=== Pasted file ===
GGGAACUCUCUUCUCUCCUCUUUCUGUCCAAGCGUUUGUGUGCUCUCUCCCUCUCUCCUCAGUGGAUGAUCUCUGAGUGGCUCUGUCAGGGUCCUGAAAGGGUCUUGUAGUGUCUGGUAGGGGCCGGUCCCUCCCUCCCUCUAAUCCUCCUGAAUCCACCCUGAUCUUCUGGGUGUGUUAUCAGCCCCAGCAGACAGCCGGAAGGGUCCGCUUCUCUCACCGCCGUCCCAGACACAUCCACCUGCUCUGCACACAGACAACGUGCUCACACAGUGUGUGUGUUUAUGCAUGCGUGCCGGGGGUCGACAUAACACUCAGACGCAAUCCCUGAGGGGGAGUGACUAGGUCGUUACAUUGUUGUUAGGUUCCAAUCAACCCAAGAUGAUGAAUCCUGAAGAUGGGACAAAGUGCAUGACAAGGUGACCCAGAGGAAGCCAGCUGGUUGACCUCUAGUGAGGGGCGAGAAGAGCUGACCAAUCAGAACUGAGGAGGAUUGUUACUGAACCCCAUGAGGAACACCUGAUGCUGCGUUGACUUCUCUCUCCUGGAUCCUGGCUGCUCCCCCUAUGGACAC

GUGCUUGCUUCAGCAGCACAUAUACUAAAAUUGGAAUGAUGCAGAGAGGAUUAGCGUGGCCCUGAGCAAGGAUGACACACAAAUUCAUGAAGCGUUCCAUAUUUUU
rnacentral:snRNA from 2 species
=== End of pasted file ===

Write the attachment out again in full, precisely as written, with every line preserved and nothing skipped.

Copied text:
GGGAACUCUCUUCUCUCCUCUUUCUGUCCAAGCGUUUGUGUGCUCUCUCCCUCUCUCCUCAGUGGAUGAUCUCUGAGUGGCUCUGUCAGGGUCCUGAAAGGGUCUUGUAGUGUCUGGUAGGGGCCGGUCCCUCCCUCCCUCUAAUCCUCCUGAAUCCACCCUGAUCUUCUGGGUGUGUUAUCAGCCCCAGCAGACAGCCGGAAGGGUCCGCUUCUCUCACCGCCGUCCCAGACACAUCCACCUGCUCUGCACACAGACAACGUGCUCACACAGUGUGUGUGUUUAUGCAUGCGUGCCGGGGGUCGACAUAACACUCAGACGCAAUCCCUGAGGGGGAGUGACUAGGUCGUUACAUUGUUGUUAGGUUCCAAUCAACCCAAGAUGAUGAAUCCUGAAGAUGGGACAAAGUGCAUGACAAGGUGACCCAGAGGAAGCCAGCUGGUUGACCUCUAGUGAGGGGCGAGAAGAGCUGACCAAUCAGAACUGAGGAGGAUUGUUACUGAACCCCAUGAGGAACACCUGAUGCUGCGUUGACUUCUCUCUCCUGGAUCCUGGCUGCUCCCCCUAUGGACAC

GUGCUUGCUUCAGCAGCACAUAUACUAAAAUUGGAAUGAUGCAGAGAGGAUUAGCGUGGCCCUGAGCAAGGAUGACACACAAAUUCAUGAAGCGUUCCAUAUUUUU
rnacentral:snRNA from 2 species